Is it possible to provide user with the option in look to enter value and that value can be write back to DB table or in Looker persist table for further analysis? Like write back functionality in other BI tools like MicroStrategy ot Tableau?
I am using Looker V4.18 and Google BQ as DB.
We don’t have a specific example of that but it is certainly possible. The most common approach would be to use data actions. You would just need a server to ‘hear’ the data action which could then trigger a script that runs some INSERT command against your database.
We have some examples of data actions using Zapier here but if you’re running into issues with a particular use case feel free to visit us at help.looker.com where we’ll be happy to help you out.
This solution may only apply if you have an “on-premises” instance, but we achieved this by standing up a simple flask app “tagger” on our EC2 box, using a DB user that has INSERT permission to the tables we want the (Looker) user to be able to update. Since the tagger app is serving from the same place as the Looker application, it’s a little more secure, already sits behind our VPN (so can only be called by a user on the VPN, including a logged in Looker user), and it’s a little easier to restrict access only to the Looker app via whitelisted IP addresses.
Then using a data action dimension as Rufus mentioned (or even just a dimension that has an html field, if your “tagger” app can take GET requests), you can hard-code the IP address to reach the tagger, and push through the directions the tagger will need via url parameters or (or as form fields if using data actions). Often just having the column name, the new value, the current timestamp (for an last_updated_at field or for logging by the tagger) and the action type (update / add to an array, etc.) can achieve a lot.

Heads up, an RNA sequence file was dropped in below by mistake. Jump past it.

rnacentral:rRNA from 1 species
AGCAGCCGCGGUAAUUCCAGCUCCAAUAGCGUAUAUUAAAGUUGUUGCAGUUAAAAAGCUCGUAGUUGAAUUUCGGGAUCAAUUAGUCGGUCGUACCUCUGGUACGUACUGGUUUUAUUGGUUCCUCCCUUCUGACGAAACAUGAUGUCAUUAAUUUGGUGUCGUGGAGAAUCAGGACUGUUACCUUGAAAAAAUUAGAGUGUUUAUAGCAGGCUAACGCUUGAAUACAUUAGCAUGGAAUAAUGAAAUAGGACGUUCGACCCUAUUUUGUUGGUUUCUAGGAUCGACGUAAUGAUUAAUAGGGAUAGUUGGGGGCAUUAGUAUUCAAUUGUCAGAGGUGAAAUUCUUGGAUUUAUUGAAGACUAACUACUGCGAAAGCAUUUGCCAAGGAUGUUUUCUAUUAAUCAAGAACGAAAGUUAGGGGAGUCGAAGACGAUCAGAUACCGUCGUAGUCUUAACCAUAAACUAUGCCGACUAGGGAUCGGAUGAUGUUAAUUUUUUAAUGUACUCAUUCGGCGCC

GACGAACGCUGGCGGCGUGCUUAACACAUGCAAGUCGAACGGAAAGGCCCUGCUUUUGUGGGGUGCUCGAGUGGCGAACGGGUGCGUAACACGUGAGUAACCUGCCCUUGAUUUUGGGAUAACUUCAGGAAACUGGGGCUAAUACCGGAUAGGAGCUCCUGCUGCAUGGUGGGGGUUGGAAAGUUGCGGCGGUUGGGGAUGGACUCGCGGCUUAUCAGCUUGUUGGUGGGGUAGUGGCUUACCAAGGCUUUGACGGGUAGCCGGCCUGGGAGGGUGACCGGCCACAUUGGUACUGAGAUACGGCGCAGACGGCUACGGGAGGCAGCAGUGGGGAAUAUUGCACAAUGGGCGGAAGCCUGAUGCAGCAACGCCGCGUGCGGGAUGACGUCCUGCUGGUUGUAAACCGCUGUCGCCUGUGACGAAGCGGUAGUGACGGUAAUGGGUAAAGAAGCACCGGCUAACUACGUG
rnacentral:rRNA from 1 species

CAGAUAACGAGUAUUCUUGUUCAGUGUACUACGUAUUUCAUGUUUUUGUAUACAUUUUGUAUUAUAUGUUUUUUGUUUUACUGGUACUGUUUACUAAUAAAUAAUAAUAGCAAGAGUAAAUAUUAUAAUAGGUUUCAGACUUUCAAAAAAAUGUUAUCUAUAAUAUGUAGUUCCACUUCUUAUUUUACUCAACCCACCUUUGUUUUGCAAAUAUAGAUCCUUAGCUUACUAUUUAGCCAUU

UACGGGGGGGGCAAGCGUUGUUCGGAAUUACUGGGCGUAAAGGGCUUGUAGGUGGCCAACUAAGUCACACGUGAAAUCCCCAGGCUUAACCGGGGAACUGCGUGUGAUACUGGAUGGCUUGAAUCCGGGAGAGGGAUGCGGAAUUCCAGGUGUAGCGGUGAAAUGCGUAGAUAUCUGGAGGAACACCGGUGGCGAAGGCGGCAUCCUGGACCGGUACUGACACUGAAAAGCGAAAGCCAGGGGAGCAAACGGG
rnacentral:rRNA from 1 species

Also, rather than directly updating a table, it can be helpful and a little less error-prone to have the user actually writing to a separate annotations/tags table and then join that back in to the source table to make a ‘final’ presentation table that combines the 2 – that way the user isn’t actually overwriting values and can roll back changes.
Using Zapier to do the connecting is probably a more user-friendly and scalable approach if you’ll be doing this from other non-Looker sources also, but if your database is behind a VPN it may not be possible (or very easy) to let Zapier write to it directly (and may not be advisable either).